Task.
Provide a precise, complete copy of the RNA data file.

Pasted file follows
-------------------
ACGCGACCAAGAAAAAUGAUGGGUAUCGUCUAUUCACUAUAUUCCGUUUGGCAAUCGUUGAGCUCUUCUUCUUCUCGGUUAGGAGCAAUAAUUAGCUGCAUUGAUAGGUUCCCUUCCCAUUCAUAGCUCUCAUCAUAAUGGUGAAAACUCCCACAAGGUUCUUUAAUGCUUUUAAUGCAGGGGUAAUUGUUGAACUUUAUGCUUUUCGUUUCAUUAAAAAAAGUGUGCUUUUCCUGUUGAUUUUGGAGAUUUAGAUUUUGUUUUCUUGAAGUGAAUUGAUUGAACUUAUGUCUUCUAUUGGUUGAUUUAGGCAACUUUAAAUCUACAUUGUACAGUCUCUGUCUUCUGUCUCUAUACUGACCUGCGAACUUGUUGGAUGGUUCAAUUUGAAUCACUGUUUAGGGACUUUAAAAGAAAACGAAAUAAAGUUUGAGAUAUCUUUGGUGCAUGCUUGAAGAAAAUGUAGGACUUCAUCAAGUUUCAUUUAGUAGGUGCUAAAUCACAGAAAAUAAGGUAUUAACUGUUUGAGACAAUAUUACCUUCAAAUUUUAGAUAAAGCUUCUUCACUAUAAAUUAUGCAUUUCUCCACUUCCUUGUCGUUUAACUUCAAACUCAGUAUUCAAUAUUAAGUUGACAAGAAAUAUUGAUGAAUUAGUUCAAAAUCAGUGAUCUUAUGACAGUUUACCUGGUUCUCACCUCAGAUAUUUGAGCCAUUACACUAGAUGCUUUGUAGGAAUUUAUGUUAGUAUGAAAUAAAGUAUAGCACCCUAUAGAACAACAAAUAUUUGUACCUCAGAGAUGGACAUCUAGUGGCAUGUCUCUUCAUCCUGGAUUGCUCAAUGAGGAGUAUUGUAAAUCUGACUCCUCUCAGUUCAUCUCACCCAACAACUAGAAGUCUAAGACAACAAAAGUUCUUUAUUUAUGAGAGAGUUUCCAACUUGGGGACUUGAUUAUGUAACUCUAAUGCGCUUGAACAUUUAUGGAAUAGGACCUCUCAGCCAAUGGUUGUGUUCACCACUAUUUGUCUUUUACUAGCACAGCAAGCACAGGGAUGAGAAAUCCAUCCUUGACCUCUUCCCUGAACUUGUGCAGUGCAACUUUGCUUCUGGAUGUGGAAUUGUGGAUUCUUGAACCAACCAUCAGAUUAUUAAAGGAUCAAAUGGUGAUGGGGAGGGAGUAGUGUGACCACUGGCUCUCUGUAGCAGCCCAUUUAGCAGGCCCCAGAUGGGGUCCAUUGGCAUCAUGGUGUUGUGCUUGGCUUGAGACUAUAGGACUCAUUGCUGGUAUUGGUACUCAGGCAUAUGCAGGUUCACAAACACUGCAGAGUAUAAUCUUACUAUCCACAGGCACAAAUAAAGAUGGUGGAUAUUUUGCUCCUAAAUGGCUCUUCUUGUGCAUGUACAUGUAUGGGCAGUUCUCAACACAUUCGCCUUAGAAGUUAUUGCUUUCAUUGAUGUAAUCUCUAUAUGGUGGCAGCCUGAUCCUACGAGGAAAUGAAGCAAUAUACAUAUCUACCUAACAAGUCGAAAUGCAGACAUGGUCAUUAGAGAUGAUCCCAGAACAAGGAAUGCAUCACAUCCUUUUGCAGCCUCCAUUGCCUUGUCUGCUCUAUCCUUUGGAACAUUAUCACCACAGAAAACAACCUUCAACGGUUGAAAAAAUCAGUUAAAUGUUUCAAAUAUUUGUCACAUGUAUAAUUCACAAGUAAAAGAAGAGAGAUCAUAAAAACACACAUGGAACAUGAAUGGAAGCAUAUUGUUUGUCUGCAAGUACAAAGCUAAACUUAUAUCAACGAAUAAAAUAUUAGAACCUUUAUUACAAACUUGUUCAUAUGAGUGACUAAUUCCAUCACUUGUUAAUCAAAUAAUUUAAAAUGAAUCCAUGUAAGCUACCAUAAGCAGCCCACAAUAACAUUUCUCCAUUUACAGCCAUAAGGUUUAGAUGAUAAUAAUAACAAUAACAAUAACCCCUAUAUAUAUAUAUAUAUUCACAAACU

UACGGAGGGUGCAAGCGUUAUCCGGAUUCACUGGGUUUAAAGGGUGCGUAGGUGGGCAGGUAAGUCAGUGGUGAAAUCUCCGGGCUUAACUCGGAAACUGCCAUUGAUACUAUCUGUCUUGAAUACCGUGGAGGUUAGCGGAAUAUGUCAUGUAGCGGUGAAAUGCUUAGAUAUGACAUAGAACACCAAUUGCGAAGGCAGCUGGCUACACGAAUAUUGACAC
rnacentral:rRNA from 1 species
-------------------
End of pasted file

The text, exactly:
ACGCGACCAAGAAAAAUGAUGGGUAUCGUCUAUUCACUAUAUUCCGUUUGGCAAUCGUUGAGCUCUUCUUCUUCUCGGUUAGGAGCAAUAAUUAGCUGCAUUGAUAGGUUCCCUUCCCAUUCAUAGCUCUCAUCAUAAUGGUGAAAACUCCCACAAGGUUCUUUAAUGCUUUUAAUGCAGGGGUAAUUGUUGAACUUUAUGCUUUUCGUUUCAUUAAAAAAAGUGUGCUUUUCCUGUUGAUUUUGGAGAUUUAGAUUUUGUUUUCUUGAAGUGAAUUGAUUGAACUUAUGUCUUCUAUUGGUUGAUUUAGGCAACUUUAAAUCUACAUUGUACAGUCUCUGUCUUCUGUCUCUAUACUGACCUGCGAACUUGUUGGAUGGUUCAAUUUGAAUCACUGUUUAGGGACUUUAAAAGAAAACGAAAUAAAGUUUGAGAUAUCUUUGGUGCAUGCUUGAAGAAAAUGUAGGACUUCAUCAAGUUUCAUUUAGUAGGUGCUAAAUCACAGAAAAUAAGGUAUUAACUGUUUGAGACAAUAUUACCUUCAAAUUUUAGAUAAAGCUUCUUCACUAUAAAUUAUGCAUUUCUCCACUUCCUUGUCGUUUAACUUCAAACUCAGUAUUCAAUAUUAAGUUGACAAGAAAUAUUGAUGAAUUAGUUCAAAAUCAGUGAUCUUAUGACAGUUUACCUGGUUCUCACCUCAGAUAUUUGAGCCAUUACACUAGAUGCUUUGUAGGAAUUUAUGUUAGUAUGAAAUAAAGUAUAGCACCCUAUAGAACAACAAAUAUUUGUACCUCAGAGAUGGACAUCUAGUGGCAUGUCUCUUCAUCCUGGAUUGCUCAAUGAGGAGUAUUGUAAAUCUGACUCCUCUCAGUUCAUCUCACCCAACAACUAGAAGUCUAAGACAACAAAAGUUCUUUAUUUAUGAGAGAGUUUCCAACUUGGGGACUUGAUUAUGUAACUCUAAUGCGCUUGAACAUUUAUGGAAUAGGACCUCUCAGCCAAUGGUUGUGUUCACCACUAUUUGUCUUUUACUAGCACAGCAAGCACAGGGAUGAGAAAUCCAUCCUUGACCUCUUCCCUGAACUUGUGCAGUGCAACUUUGCUUCUGGAUGUGGAAUUGUGGAUUCUUGAACCAACCAUCAGAUUAUUAAAGGAUCAAAUGGUGAUGGGGAGGGAGUAGUGUGACCACUGGCUCUCUGUAGCAGCCCAUUUAGCAGGCCCCAGAUGGGGUCCAUUGGCAUCAUGGUGUUGUGCUUGGCUUGAGACUAUAGGACUCAUUGCUGGUAUUGGUACUCAGGCAUAUGCAGGUUCACAAACACUGCAGAGUAUAAUCUUACUAUCCACAGGCACAAAUAAAGAUGGUGGAUAUUUUGCUCCUAAAUGGCUCUUCUUGUGCAUGUACAUGUAUGGGCAGUUCUCAACACAUUCGCCUUAGAAGUUAUUGCUUUCAUUGAUGUAAUCUCUAUAUGGUGGCAGCCUGAUCCUACGAGGAAAUGAAGCAAUAUACAUAUCUACCUAACAAGUCGAAAUGCAGACAUGGUCAUUAGAGAUGAUCCCAGAACAAGGAAUGCAUCACAUCCUUUUGCAGCCUCCAUUGCCUUGUCUGCUCUAUCCUUUGGAACAUUAUCACCACAGAAAACAACCUUCAACGGUUGAAAAAAUCAGUUAAAUGUUUCAAAUAUUUGUCACAUGUAUAAUUCACAAGUAAAAGAAGAGAGAUCAUAAAAACACACAUGGAACAUGAAUGGAAGCAUAUUGUUUGUCUGCAAGUACAAAGCUAAACUUAUAUCAACGAAUAAAAUAUUAGAACCUUUAUUACAAACUUGUUCAUAUGAGUGACUAAUUCCAUCACUUGUUAAUCAAAUAAUUUAAAAUGAAUCCAUGUAAGCUACCAUAAGCAGCCCACAAUAACAUUUCUCCAUUUACAGCCAUAAGGUUUAGAUGAUAAUAAUAACAAUAACAAUAACCCCUAUAUAUAUAUAUAUAUUCACAAACU

UACGGAGGGUGCAAGCGUUAUCCGGAUUCACUGGGUUUAAAGGGUGCGUAGGUGGGCAGGUAAGUCAGUGGUGAAAUCUCCGGGCUUAACUCGGAAACUGCCAUUGAUACUAUCUGUCUUGAAUACCGUGGAGGUUAGCGGAAUAUGUCAUGUAGCGGUGAAAUGCUUAGAUAUGACAUAGAACACCAAUUGCGAAGGCAGCUGGCUACACGAAUAUUGACAC
rnacentral:rRNA from 1 species